Coordinating actions in the absence of sensory cues

When people coordinate their actions, they share similar patterns of brain activity and behaviour – even if they can’t see or hear each other⎮1 min read
Published in Neuroscience
Coordinating actions in the absence of sensory cues

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Many human behaviours require two or more people to coordinate their actions, such as rowing, dancing or even holding a conversation. Typically, each person modifies their behaviour in response to sensory cues from the others. But can behaviour be coordinated when those cues are absent?

To answer this question, Brain Function CoE researchers David Painter and Jason Mattingley conducted experiments in which pairs of people used a joystick to guide a cursor on a computer screen towards a target location. In separate trials of the task, each person in the pair controlled the cursor either independently or jointly with the other person. Joint action required both people to coordinate their behaviour – without being able to see each other or communicate in any way. During the task, the participants’ behaviour and brain activity were recorded.

The researchers found that participants’ behaviour was different in solo tasks than in joint tasks. This confirmed that the participants took their partner’s actions into account, rather than both members of the pair acting independently at the same time.

Analysis of the brain recordings revealed that participants in each pair had similar patterns of brain activity during the joint task. The similarity peaked when participants successfully reached the target with their cursors. The same patterns were not shared when the participants completed the task individually at the same time.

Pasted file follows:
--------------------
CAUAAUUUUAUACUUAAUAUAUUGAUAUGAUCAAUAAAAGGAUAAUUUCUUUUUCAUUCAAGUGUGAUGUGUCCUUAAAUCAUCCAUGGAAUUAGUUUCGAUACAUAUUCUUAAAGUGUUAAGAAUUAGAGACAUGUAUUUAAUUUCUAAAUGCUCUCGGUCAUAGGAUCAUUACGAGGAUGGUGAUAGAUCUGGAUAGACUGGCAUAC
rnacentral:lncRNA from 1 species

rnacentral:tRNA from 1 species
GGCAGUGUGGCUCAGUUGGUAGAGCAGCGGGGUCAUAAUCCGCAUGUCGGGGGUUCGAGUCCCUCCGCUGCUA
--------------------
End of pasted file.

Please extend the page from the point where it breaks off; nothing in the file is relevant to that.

This coupling of brain activity and behaviour during joint tasks is a sign of real-time coordination. It also reveals that a link between the brain and behaviour underpins coordinated actions – even in the absence of sensory cues.

Next steps:
The researchers are now using real-time brain imaging to study how neurofeedback affects the brain and behaviour. They are also developing interactive games like the one used in this study for applications in cognitive rehabilitation.

Painter, D. R., Kim, J. J., Renton, A. I., & Mattingley, J. B. (2021). Joint control of visually guided actions involves concordant increases in behavioural and neural coupling. Communications Biology, 4(1), 816. doi: 10.1038/s42003-021-02319-3

This article originally appeared on The Brain Dialogue. Read the original article available under CC-BY 4.0.

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